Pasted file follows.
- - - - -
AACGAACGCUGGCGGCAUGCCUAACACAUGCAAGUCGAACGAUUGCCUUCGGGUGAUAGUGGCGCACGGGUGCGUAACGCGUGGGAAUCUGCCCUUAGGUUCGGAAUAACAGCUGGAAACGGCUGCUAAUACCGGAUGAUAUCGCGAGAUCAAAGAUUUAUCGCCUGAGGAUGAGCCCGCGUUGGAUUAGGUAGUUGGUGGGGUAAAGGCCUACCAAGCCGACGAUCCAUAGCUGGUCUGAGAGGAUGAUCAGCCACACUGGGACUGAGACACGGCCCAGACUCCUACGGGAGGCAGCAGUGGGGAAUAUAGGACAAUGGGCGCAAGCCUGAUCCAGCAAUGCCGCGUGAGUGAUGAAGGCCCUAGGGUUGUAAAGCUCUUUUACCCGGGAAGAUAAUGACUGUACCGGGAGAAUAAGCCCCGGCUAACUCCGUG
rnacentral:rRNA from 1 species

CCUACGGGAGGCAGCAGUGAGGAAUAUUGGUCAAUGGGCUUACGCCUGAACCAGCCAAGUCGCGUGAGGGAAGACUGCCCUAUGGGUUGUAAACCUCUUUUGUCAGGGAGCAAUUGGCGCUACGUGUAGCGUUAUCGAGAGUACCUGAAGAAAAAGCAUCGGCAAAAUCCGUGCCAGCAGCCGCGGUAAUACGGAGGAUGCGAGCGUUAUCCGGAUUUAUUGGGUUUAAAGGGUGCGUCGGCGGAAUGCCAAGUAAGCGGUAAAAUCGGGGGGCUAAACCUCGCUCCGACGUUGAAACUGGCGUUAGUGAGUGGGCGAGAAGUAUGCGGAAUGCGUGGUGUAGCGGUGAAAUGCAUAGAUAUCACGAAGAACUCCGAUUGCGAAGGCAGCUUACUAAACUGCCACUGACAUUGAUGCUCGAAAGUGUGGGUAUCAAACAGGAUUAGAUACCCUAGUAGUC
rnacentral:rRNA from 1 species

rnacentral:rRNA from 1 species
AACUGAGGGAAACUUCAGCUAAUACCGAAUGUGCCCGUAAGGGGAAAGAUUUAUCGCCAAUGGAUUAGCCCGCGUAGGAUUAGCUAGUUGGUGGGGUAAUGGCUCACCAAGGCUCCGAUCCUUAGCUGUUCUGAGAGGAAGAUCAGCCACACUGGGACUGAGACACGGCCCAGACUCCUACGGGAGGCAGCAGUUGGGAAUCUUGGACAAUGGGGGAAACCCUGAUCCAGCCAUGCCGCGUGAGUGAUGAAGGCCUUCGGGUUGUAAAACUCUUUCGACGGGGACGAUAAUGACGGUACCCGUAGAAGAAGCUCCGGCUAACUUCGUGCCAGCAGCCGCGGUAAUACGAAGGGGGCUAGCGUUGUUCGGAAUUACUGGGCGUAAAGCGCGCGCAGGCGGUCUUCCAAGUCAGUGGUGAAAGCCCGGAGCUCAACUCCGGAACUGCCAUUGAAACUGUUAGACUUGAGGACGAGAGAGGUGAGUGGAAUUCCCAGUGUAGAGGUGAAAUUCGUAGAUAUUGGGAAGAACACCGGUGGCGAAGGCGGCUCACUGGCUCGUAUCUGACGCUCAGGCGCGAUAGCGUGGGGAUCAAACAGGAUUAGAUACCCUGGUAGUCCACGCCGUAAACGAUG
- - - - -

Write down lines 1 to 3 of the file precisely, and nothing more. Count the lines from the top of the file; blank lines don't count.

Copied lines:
AACGAACGCUGGCGGCAUGCCUAACACAUGCAAGUCGAACGAUUGCCUUCGGGUGAUAGUGGCGCACGGGUGCGUAACGCGUGGGAAUCUGCCCUUAGGUUCGGAAUAACAGCUGGAAACGGCUGCUAAUACCGGAUGAUAUCGCGAGAUCAAAGAUUUAUCGCCUGAGGAUGAGCCCGCGUUGGAUUAGGUAGUUGGUGGGGUAAAGGCCUACCAAGCCGACGAUCCAUAGCUGGUCUGAGAGGAUGAUCAGCCACACUGGGACUGAGACACGGCCCAGACUCCUACGGGAGGCAGCAGUGGGGAAUAUAGGACAAUGGGCGCAAGCCUGAUCCAGCAAUGCCGCGUGAGUGAUGAAGGCCCUAGGGUUGUAAAGCUCUUUUACCCGGGAAGAUAAUGACUGUACCGGGAGAAUAAGCCCCGGCUAACUCCGUG
rnacentral:rRNA from 1 species

CCUACGGGAGGCAGCAGUGAGGAAUAUUGGUCAAUGGGCUUACGCCUGAACCAGCCAAGUCGCGUGAGGGAAGACUGCCCUAUGGGUUGUAAACCUCUUUUGUCAGGGAGCAAUUGGCGCUACGUGUAGCGUUAUCGAGAGUACCUGAAGAAAAAGCAUCGGCAAAAUCCGUGCCAGCAGCCGCGGUAAUACGGAGGAUGCGAGCGUUAUCCGGAUUUAUUGGGUUUAAAGGGUGCGUCGGCGGAAUGCCAAGUAAGCGGUAAAAUCGGGGGGCUAAACCUCGCUCCGACGUUGAAACUGGCGUUAGUGAGUGGGCGAGAAGUAUGCGGAAUGCGUGGUGUAGCGGUGAAAUGCAUAGAUAUCACGAAGAACUCCGAUUGCGAAGGCAGCUUACUAAACUGCCACUGACAUUGAUGCUCGAAAGUGUGGGUAUCAAACAGGAUUAGAUACCCUAGUAGUC